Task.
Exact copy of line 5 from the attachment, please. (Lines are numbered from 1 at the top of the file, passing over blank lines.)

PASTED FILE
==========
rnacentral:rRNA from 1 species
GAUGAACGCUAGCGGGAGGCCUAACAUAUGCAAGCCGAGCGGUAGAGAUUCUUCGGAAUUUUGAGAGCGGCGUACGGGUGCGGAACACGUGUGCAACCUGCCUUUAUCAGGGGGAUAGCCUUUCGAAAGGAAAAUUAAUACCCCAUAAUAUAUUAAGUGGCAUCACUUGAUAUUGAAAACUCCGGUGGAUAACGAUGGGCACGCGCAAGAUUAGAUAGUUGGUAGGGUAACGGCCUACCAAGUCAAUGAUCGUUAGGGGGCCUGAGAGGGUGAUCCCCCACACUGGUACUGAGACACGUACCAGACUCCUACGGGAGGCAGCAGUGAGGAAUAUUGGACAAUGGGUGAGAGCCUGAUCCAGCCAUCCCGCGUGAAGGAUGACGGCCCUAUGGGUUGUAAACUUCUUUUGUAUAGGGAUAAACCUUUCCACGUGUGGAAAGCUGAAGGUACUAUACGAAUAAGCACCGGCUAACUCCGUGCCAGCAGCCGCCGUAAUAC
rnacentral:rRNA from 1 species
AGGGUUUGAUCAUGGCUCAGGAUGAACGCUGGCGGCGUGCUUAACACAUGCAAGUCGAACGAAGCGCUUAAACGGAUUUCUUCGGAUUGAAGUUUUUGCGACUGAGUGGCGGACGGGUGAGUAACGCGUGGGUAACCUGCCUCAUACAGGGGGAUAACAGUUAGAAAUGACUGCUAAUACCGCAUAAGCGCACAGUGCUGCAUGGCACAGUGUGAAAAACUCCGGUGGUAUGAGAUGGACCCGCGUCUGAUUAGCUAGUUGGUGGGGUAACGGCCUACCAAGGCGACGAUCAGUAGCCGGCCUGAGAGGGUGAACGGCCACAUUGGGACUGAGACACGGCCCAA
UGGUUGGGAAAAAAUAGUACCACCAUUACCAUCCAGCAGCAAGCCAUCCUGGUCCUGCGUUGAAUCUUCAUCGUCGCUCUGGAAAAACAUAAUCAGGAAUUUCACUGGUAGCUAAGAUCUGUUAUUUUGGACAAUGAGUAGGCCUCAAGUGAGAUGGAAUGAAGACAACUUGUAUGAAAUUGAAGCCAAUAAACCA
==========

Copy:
UGGUUGGGAAAAAAUAGUACCACCAUUACCAUCCAGCAGCAAGCCAUCCUGGUCCUGCGUUGAAUCUUCAUCGUCGCUCUGGAAAAACAUAAUCAGGAAUUUCACUGGUAGCUAAGAUCUGUUAUUUUGGACAAUGAGUAGGCCUCAAGUGAGAUGGAAUGAAGACAACUUGUAUGAAAUUGAAGCCAAUAAACCA